Top Gear host Jeremy Clarkson deemed racially offensive by media regulator for ‘slope’ slur

Top Gear presenter Jeremy Clarkson

Top Gear presenter Jeremy Clarkson

An episode of Top Gear, the popular BBC car show distributed widely across Asia, has fallen foul of Britain’s media regulator for a racist slur towards Asians made by presenter Jeremy Clarkson.

Ofcom has ruled that the outspoken show host deliberately used the word “slope” to refer to an Asian person while shooting an episode of Top Gear in Myanmar.

Clarkson, who has previously been in trouble for making racially insensitive remarks, made the comment while the show was constructing a temporary bridge. On spotting an Asian man walking on the bamboo crossing, Clarkson said: “That is a proud moment – but there is a slope on it.”

The regulator decided that the comment was offensive and breached its rules after an investigation into whether Clarkson may have been referring to the slope of the bridge, and not making a racist slur. 

Top Gear producer Andy Wilman was quoted in British newspaper The Independent as saying: “We were not aware at the time, and it has subsequently been brought to our attention, that the word ‘slope’ is considered by some to be offensive and although it might not be widely recognised in the UK, we appreciate that it can be considered offensive to some here and overseas, for example in Australia and the USA.”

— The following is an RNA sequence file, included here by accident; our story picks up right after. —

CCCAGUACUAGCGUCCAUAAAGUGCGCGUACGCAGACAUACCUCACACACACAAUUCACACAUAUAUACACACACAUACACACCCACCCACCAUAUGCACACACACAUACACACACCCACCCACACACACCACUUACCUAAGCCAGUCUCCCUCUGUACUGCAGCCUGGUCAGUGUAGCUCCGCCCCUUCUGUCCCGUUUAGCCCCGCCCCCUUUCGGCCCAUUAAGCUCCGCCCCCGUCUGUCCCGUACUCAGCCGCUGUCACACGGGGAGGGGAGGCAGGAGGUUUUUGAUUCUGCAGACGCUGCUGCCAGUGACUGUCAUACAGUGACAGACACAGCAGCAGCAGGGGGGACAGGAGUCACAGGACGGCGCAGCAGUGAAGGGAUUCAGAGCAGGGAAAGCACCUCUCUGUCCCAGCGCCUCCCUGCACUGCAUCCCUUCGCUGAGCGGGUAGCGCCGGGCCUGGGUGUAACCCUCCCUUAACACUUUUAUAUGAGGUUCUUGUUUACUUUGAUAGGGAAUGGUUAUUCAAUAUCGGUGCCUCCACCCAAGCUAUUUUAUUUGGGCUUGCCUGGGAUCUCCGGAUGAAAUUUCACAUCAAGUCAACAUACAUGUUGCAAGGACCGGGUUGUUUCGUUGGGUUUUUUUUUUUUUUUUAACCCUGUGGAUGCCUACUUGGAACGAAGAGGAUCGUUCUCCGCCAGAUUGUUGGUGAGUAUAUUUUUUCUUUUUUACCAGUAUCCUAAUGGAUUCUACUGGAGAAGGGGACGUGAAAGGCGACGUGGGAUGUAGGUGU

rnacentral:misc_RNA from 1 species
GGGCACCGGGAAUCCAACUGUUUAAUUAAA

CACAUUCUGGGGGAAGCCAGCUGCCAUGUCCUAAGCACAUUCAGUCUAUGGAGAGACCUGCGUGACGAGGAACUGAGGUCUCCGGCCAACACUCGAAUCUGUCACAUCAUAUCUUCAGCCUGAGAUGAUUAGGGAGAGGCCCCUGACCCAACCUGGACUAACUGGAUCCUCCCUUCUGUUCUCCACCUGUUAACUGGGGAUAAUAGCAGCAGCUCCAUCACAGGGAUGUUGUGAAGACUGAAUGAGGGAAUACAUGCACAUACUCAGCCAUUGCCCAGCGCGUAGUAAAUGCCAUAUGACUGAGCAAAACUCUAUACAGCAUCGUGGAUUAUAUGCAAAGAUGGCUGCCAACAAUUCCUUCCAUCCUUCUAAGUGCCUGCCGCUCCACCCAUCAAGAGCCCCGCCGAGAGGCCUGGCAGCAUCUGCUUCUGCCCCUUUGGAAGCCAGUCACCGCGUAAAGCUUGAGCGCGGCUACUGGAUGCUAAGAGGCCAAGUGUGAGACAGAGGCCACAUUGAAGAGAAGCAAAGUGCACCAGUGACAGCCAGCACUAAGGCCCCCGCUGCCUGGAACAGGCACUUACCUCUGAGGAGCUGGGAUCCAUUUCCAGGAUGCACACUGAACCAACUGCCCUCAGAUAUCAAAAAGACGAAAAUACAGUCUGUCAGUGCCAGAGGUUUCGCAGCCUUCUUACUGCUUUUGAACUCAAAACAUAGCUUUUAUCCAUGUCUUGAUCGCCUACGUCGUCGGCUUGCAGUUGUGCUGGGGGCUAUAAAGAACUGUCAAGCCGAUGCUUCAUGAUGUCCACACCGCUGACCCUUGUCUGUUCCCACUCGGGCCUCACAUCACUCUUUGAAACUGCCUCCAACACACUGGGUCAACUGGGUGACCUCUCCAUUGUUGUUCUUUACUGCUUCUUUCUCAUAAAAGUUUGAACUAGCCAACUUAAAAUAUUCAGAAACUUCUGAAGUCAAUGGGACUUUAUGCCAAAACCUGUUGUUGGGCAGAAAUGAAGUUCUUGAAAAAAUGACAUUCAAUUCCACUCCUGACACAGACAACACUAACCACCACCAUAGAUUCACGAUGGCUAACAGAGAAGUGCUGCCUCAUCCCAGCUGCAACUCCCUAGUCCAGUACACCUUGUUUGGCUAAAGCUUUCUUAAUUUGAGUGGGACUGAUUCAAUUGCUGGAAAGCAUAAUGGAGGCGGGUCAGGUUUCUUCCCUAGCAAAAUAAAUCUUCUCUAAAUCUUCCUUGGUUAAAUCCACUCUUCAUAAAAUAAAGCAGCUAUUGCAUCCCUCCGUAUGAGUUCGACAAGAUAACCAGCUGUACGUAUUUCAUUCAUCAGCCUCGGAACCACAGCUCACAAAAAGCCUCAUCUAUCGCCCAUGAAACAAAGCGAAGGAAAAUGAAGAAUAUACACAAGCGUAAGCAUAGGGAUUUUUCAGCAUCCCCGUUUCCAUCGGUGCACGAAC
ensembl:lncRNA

“If we had known that at the time we would not have broadcast the word in this context and regret any offence caused,” he said.

An Ofcom spokesperson said: “After a thorough investigation, Ofcom has found the BBC breached broadcasting rules by including an offensive racial term in Top Gear, which was not justified by context. Jeremy Clarkson used the word ‘slope’ to refer both to an Asian man crossing a bridge, and the incline of the bridge.”

“This was scripted in advance. The BBC failed to take the opportunity, either during filming or post-production, to check whether the word had the potential to offend viewers,” they said.

The show was screened across Asia in March on BBC Knowledge, which is available in Singapore, Malaysia, Indonesia, Thailand, South Korea, Cambodia, Thailand and Taiwan. The series also aired on in China and BS Fiji in Japan.

The series is currently airing as a repeat with the controversial segment edited out, BBC Worldwide has informed Mumbrella.

Top Gear ChinaThe show aired just two months before BBC Worldwide announced the launch of a Chinese version of the show, which is the world’s most popular factual entertainment format.

Filming on Top Gear China is to start in late July with the premiere expected in early November.


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